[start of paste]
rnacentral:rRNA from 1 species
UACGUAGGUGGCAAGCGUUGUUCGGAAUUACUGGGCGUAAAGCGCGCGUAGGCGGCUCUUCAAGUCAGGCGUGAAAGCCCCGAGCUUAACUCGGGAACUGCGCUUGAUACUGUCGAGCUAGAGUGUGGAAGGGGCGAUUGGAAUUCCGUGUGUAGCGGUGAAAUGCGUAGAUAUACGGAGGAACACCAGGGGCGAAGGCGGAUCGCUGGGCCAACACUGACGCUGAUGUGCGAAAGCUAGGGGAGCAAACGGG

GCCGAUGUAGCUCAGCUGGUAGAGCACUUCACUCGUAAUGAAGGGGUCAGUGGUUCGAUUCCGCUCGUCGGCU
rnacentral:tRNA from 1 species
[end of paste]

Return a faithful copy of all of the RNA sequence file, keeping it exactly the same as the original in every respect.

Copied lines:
rnacentral:rRNA from 1 species
UACGUAGGUGGCAAGCGUUGUUCGGAAUUACUGGGCGUAAAGCGCGCGUAGGCGGCUCUUCAAGUCAGGCGUGAAAGCCCCGAGCUUAACUCGGGAACUGCGCUUGAUACUGUCGAGCUAGAGUGUGGAAGGGGCGAUUGGAAUUCCGUGUGUAGCGGUGAAAUGCGUAGAUAUACGGAGGAACACCAGGGGCGAAGGCGGAUCGCUGGGCCAACACUGACGCUGAUGUGCGAAAGCUAGGGGAGCAAACGGG

GCCGAUGUAGCUCAGCUGGUAGAGCACUUCACUCGUAAUGAAGGGGUCAGUGGUUCGAUUCCGCUCGUCGGCU
rnacentral:tRNA from 1 species